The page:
PHOTO: ISTOCK

My crystal ball is dusty so I can’t predict the long-term consequences of the passage of a lawn care pesticide ban in Maryland. However, I can predict property owners in Montgomery County will see a marked change in the health and appearance of their lawns after the ban goes into effect. That change will not be for the better.

This past October, after two years of discussions and several public hearings, the Montgomery County Council approved Bill 52-14. The act forbids the application of EPA-registered lawn care pesticides to lawns within the county.

The council cited concerns over the deleterious effects of lawn care pesticides to the region’s environment, but framed their action mostly as a protection to the health of county citizens.

The law went into effect at the start of 2016 for public property, such as parks. Homeowners and professional lawn applicators have until 2018 to begin complying with the ban.

A strangely crafted law

Bill 52-14 is sometimes referred to as the Non-Essential Pesticides Bill and, in a few mentions, as the Healthy Lawns Bill. In my view, it’s more accurate to refer to it as the Platypus Bill for reasons that should become obvious.

While I’ve never seen a platypus in the flesh as they live in Australia and are notoriously shy, I’ve seen pictures of them. A platypus is a strange-looking creature. It has a bill like a duck, webbed feet, a tail like a beaver and a furry body like a muskrat. Rather than giving birth live, the platypus lays eggs, which is also odd.

But enough about this strangest of animals; instead, let’s examine how Bill 52-14 resembles it.

Weeds on the Move

Let’s start by listing the hodge-podge of pesticides forbidden for use on lawns (public and private) as listed in 52-14. Banned products include pesticides categorized as “restricted use” by federal regulators, the European Union’s “Category One Endocrine Disruptors” and why not throw in “Class A” pesticides as defined by Ontario, Canada, too.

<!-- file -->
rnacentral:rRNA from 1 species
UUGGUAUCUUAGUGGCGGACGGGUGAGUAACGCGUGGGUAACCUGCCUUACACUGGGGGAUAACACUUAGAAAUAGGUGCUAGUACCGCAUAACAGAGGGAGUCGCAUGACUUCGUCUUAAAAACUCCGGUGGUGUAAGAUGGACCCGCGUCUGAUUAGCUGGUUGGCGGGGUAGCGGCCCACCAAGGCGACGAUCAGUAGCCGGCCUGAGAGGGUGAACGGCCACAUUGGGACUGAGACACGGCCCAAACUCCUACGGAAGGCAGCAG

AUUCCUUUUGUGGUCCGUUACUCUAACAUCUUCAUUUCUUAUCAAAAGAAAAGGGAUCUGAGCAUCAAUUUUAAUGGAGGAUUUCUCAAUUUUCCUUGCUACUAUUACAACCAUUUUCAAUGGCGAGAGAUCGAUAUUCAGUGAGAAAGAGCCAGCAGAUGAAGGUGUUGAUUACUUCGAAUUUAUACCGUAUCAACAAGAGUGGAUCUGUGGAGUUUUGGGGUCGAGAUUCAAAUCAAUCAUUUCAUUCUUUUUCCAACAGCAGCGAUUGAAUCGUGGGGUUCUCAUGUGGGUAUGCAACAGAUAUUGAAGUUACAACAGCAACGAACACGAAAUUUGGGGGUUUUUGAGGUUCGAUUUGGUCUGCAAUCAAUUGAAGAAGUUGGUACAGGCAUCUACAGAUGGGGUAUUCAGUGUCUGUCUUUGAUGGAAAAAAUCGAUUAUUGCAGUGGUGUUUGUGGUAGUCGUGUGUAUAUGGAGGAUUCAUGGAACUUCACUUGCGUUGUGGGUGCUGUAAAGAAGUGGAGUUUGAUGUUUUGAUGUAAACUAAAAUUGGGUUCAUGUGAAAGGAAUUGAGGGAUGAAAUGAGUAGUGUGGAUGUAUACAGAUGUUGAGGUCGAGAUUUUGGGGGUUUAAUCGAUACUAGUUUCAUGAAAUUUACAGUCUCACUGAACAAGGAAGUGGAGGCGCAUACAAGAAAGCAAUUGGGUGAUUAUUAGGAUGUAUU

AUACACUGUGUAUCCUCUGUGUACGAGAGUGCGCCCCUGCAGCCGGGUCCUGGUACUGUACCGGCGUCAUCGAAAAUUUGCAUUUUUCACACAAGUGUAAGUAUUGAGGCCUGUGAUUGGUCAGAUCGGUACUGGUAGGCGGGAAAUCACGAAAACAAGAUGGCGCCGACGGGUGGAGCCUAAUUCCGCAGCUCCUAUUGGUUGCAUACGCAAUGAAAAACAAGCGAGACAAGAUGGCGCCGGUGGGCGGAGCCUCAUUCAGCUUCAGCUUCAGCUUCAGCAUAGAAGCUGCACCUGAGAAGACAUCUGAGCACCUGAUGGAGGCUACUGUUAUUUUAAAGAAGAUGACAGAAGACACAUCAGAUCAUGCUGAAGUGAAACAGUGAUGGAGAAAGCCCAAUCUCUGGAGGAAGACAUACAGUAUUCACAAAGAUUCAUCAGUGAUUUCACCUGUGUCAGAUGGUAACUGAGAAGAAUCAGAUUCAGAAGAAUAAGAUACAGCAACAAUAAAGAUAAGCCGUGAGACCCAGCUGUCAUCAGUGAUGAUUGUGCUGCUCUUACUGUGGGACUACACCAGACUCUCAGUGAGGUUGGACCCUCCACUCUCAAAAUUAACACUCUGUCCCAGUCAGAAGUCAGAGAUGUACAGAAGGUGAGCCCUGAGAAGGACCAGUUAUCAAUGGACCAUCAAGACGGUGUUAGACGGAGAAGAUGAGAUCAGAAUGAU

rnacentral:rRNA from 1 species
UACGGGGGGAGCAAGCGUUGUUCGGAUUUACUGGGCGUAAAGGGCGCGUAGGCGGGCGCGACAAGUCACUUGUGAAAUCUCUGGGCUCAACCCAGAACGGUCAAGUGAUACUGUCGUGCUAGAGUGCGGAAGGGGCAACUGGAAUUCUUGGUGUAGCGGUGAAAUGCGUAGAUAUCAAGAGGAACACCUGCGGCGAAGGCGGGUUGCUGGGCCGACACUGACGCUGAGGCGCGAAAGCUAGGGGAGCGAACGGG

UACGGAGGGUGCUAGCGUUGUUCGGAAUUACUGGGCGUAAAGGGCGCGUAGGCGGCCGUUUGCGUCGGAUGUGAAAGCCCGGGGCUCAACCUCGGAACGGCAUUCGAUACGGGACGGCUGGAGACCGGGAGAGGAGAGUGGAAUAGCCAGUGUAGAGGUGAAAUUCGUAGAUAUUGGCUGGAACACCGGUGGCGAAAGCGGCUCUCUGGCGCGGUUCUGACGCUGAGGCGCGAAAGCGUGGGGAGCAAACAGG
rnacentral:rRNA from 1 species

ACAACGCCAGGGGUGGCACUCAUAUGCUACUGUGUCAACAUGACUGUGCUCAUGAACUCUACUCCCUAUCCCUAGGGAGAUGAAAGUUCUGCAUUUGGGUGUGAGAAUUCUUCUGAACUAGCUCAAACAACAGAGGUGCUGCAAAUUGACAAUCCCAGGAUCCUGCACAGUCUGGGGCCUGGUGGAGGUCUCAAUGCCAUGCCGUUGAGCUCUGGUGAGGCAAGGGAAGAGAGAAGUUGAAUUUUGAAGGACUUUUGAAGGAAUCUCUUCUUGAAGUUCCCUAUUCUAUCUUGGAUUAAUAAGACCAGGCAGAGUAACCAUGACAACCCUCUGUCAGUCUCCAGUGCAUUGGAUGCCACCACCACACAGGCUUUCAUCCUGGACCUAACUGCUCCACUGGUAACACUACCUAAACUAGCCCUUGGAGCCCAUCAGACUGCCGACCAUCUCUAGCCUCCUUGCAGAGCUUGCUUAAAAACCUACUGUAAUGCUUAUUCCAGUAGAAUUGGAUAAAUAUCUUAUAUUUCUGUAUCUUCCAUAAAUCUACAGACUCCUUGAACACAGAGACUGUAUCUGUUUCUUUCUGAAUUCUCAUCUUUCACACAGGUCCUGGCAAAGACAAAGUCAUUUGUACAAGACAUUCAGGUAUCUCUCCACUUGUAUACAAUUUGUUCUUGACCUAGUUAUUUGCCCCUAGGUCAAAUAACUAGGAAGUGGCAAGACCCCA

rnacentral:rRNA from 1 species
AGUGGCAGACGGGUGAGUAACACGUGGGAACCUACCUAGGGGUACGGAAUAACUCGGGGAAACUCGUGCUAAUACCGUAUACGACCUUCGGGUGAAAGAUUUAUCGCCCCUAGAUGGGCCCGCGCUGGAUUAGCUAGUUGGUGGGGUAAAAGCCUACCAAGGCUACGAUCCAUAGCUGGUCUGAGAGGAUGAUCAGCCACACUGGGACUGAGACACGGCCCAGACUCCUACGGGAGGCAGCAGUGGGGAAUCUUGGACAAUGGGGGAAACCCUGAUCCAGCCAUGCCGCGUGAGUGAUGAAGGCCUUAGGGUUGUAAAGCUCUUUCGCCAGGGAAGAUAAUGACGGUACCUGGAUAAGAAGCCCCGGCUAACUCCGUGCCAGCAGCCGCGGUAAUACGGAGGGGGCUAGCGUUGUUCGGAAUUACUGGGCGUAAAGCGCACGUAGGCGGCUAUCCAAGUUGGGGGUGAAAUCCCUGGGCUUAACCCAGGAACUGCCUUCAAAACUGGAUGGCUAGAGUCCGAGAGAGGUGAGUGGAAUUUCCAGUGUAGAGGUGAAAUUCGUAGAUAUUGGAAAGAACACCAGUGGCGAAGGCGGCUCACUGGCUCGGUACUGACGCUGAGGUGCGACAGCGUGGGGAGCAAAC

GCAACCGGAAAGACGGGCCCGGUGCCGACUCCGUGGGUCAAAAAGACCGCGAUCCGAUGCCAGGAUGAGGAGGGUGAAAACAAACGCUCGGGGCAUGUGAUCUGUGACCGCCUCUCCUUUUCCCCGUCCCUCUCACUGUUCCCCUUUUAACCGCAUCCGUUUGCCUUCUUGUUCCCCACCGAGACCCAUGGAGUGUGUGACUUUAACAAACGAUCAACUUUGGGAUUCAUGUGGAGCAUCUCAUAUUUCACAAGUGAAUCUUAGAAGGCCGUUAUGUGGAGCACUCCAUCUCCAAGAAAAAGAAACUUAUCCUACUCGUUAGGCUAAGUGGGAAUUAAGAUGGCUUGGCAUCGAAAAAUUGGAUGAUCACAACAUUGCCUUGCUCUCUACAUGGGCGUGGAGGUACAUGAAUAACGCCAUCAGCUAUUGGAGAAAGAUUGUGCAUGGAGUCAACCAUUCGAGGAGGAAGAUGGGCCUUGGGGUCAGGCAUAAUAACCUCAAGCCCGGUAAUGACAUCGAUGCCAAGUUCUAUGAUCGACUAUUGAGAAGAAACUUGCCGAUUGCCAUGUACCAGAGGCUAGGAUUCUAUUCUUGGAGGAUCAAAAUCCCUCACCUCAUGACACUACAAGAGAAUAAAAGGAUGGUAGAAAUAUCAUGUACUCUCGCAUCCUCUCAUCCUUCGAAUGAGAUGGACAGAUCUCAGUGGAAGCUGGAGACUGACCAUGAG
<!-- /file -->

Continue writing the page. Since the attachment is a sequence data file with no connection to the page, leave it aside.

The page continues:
Consider also while the law will forbid professionals and homeowners alike from applying EPA-approved chemicals to their lawns, these same products can continue to be used on trees, in gardens and on driveways, sidewalks and pavers to control weeds and pests.

Welcome lawn cheaters?

Finally, even though property owners and licensed applicators will be forbidden from treating lawns with almost all common pesticides, these same products will remain available in the retail trade for anyone to buy.

Lawn Care Worker Sprays Crabgrass, pesticideMontgomery County, bordering Washington D.C., is Maryland’s most populated county with about 1 million residents. It is also as one of the most affluent counties in the U.S., according to Forbes magazine.

Homeowners in Montgomery County have enjoyed the services of professional lawn care companies almost from the birth of the industry more than 50 years ago. Dozens of lawn care companies there treat thousands of private lawns annually.

Will homeowners there buy and surreptitiously treat their lawns once crabgrass and other weeds begin dominating their lawns? What will they do when white grubs and scavenging critters ravage large sections of their lawns?

While the professional applicator industry isn’t tipping its hand in terms of challenging 52-14, it’s very likely they will. We hope so. This platypus of an act is unnecessary and unworkable as it stands.